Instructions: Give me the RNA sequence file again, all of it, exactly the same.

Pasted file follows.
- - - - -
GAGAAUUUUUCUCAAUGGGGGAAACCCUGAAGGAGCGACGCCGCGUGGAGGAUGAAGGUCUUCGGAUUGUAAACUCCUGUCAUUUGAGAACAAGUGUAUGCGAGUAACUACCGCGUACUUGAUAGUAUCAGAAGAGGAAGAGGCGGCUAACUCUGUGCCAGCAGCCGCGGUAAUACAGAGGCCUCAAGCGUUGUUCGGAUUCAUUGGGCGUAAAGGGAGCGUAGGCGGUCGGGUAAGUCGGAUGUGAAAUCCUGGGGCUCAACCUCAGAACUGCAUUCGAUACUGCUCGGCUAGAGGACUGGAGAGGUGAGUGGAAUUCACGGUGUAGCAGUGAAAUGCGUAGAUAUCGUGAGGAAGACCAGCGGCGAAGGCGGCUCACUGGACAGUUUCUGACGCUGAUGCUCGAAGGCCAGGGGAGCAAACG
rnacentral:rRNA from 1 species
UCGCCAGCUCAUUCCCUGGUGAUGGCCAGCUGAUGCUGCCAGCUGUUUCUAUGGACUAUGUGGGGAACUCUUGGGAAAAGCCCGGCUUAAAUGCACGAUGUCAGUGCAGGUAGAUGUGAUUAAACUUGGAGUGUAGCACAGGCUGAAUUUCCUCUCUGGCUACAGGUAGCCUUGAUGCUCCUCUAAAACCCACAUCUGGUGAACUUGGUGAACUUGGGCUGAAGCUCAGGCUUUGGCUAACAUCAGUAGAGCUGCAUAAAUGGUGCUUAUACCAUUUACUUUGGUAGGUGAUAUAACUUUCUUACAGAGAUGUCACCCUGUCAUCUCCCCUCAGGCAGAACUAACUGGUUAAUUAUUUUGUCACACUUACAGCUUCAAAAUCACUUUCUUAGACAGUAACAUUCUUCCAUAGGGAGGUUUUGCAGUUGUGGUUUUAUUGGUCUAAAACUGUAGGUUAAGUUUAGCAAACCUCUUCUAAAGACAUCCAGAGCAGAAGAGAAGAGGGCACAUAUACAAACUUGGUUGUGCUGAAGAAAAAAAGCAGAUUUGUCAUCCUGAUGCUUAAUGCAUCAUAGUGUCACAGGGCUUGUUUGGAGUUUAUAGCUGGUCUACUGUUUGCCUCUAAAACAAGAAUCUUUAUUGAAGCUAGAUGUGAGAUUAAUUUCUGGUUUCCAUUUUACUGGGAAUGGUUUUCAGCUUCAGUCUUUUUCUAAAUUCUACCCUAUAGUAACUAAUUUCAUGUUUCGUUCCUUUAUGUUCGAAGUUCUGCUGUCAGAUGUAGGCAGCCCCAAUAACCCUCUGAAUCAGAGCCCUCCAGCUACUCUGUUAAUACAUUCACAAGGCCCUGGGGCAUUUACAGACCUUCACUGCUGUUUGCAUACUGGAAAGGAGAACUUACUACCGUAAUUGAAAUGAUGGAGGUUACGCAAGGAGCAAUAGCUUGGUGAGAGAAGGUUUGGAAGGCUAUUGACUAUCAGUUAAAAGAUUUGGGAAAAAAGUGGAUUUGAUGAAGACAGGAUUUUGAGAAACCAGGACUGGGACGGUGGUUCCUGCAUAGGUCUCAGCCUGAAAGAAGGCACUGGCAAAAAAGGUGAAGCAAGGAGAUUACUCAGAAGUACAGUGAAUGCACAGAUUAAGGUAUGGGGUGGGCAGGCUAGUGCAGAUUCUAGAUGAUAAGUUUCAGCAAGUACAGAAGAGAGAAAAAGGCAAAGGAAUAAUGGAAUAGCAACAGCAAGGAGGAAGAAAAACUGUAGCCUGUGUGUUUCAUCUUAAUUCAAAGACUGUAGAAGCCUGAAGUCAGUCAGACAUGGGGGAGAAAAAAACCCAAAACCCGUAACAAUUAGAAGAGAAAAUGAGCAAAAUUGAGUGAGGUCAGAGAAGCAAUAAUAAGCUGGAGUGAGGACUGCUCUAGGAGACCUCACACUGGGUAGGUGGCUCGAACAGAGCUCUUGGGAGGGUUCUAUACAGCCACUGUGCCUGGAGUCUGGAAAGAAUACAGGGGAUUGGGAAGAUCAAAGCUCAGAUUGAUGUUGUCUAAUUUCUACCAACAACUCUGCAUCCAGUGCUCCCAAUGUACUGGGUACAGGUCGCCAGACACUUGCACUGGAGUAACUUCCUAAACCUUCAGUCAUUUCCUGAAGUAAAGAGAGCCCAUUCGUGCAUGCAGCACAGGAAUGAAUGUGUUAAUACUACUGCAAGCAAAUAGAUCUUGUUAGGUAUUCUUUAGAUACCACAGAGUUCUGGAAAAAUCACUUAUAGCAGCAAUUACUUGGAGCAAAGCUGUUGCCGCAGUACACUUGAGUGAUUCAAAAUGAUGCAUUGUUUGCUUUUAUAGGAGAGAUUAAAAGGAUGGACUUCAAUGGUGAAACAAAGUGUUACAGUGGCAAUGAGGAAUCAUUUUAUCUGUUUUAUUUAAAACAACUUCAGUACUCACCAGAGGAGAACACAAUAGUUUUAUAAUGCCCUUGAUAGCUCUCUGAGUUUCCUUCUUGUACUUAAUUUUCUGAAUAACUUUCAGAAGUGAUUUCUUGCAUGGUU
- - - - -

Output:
GAGAAUUUUUCUCAAUGGGGGAAACCCUGAAGGAGCGACGCCGCGUGGAGGAUGAAGGUCUUCGGAUUGUAAACUCCUGUCAUUUGAGAACAAGUGUAUGCGAGUAACUACCGCGUACUUGAUAGUAUCAGAAGAGGAAGAGGCGGCUAACUCUGUGCCAGCAGCCGCGGUAAUACAGAGGCCUCAAGCGUUGUUCGGAUUCAUUGGGCGUAAAGGGAGCGUAGGCGGUCGGGUAAGUCGGAUGUGAAAUCCUGGGGCUCAACCUCAGAACUGCAUUCGAUACUGCUCGGCUAGAGGACUGGAGAGGUGAGUGGAAUUCACGGUGUAGCAGUGAAAUGCGUAGAUAUCGUGAGGAAGACCAGCGGCGAAGGCGGCUCACUGGACAGUUUCUGACGCUGAUGCUCGAAGGCCAGGGGAGCAAACG
rnacentral:rRNA from 1 species
UCGCCAGCUCAUUCCCUGGUGAUGGCCAGCUGAUGCUGCCAGCUGUUUCUAUGGACUAUGUGGGGAACUCUUGGGAAAAGCCCGGCUUAAAUGCACGAUGUCAGUGCAGGUAGAUGUGAUUAAACUUGGAGUGUAGCACAGGCUGAAUUUCCUCUCUGGCUACAGGUAGCCUUGAUGCUCCUCUAAAACCCACAUCUGGUGAACUUGGUGAACUUGGGCUGAAGCUCAGGCUUUGGCUAACAUCAGUAGAGCUGCAUAAAUGGUGCUUAUACCAUUUACUUUGGUAGGUGAUAUAACUUUCUUACAGAGAUGUCACCCUGUCAUCUCCCCUCAGGCAGAACUAACUGGUUAAUUAUUUUGUCACACUUACAGCUUCAAAAUCACUUUCUUAGACAGUAACAUUCUUCCAUAGGGAGGUUUUGCAGUUGUGGUUUUAUUGGUCUAAAACUGUAGGUUAAGUUUAGCAAACCUCUUCUAAAGACAUCCAGAGCAGAAGAGAAGAGGGCACAUAUACAAACUUGGUUGUGCUGAAGAAAAAAAGCAGAUUUGUCAUCCUGAUGCUUAAUGCAUCAUAGUGUCACAGGGCUUGUUUGGAGUUUAUAGCUGGUCUACUGUUUGCCUCUAAAACAAGAAUCUUUAUUGAAGCUAGAUGUGAGAUUAAUUUCUGGUUUCCAUUUUACUGGGAAUGGUUUUCAGCUUCAGUCUUUUUCUAAAUUCUACCCUAUAGUAACUAAUUUCAUGUUUCGUUCCUUUAUGUUCGAAGUUCUGCUGUCAGAUGUAGGCAGCCCCAAUAACCCUCUGAAUCAGAGCCCUCCAGCUACUCUGUUAAUACAUUCACAAGGCCCUGGGGCAUUUACAGACCUUCACUGCUGUUUGCAUACUGGAAAGGAGAACUUACUACCGUAAUUGAAAUGAUGGAGGUUACGCAAGGAGCAAUAGCUUGGUGAGAGAAGGUUUGGAAGGCUAUUGACUAUCAGUUAAAAGAUUUGGGAAAAAAGUGGAUUUGAUGAAGACAGGAUUUUGAGAAACCAGGACUGGGACGGUGGUUCCUGCAUAGGUCUCAGCCUGAAAGAAGGCACUGGCAAAAAAGGUGAAGCAAGGAGAUUACUCAGAAGUACAGUGAAUGCACAGAUUAAGGUAUGGGGUGGGCAGGCUAGUGCAGAUUCUAGAUGAUAAGUUUCAGCAAGUACAGAAGAGAGAAAAAGGCAAAGGAAUAAUGGAAUAGCAACAGCAAGGAGGAAGAAAAACUGUAGCCUGUGUGUUUCAUCUUAAUUCAAAGACUGUAGAAGCCUGAAGUCAGUCAGACAUGGGGGAGAAAAAAACCCAAAACCCGUAACAAUUAGAAGAGAAAAUGAGCAAAAUUGAGUGAGGUCAGAGAAGCAAUAAUAAGCUGGAGUGAGGACUGCUCUAGGAGACCUCACACUGGGUAGGUGGCUCGAACAGAGCUCUUGGGAGGGUUCUAUACAGCCACUGUGCCUGGAGUCUGGAAAGAAUACAGGGGAUUGGGAAGAUCAAAGCUCAGAUUGAUGUUGUCUAAUUUCUACCAACAACUCUGCAUCCAGUGCUCCCAAUGUACUGGGUACAGGUCGCCAGACACUUGCACUGGAGUAACUUCCUAAACCUUCAGUCAUUUCCUGAAGUAAAGAGAGCCCAUUCGUGCAUGCAGCACAGGAAUGAAUGUGUUAAUACUACUGCAAGCAAAUAGAUCUUGUUAGGUAUUCUUUAGAUACCACAGAGUUCUGGAAAAAUCACUUAUAGCAGCAAUUACUUGGAGCAAAGCUGUUGCCGCAGUACACUUGAGUGAUUCAAAAUGAUGCAUUGUUUGCUUUUAUAGGAGAGAUUAAAAGGAUGGACUUCAAUGGUGAAACAAAGUGUUACAGUGGCAAUGAGGAAUCAUUUUAUCUGUUUUAUUUAAAACAACUUCAGUACUCACCAGAGGAGAACACAAUAGUUUUAUAAUGCCCUUGAUAGCUCUCUGAGUUUCCUUCUUGUACUUAAUUUUCUGAAUAACUUUCAGAAGUGAUUUCUUGCAUGGUU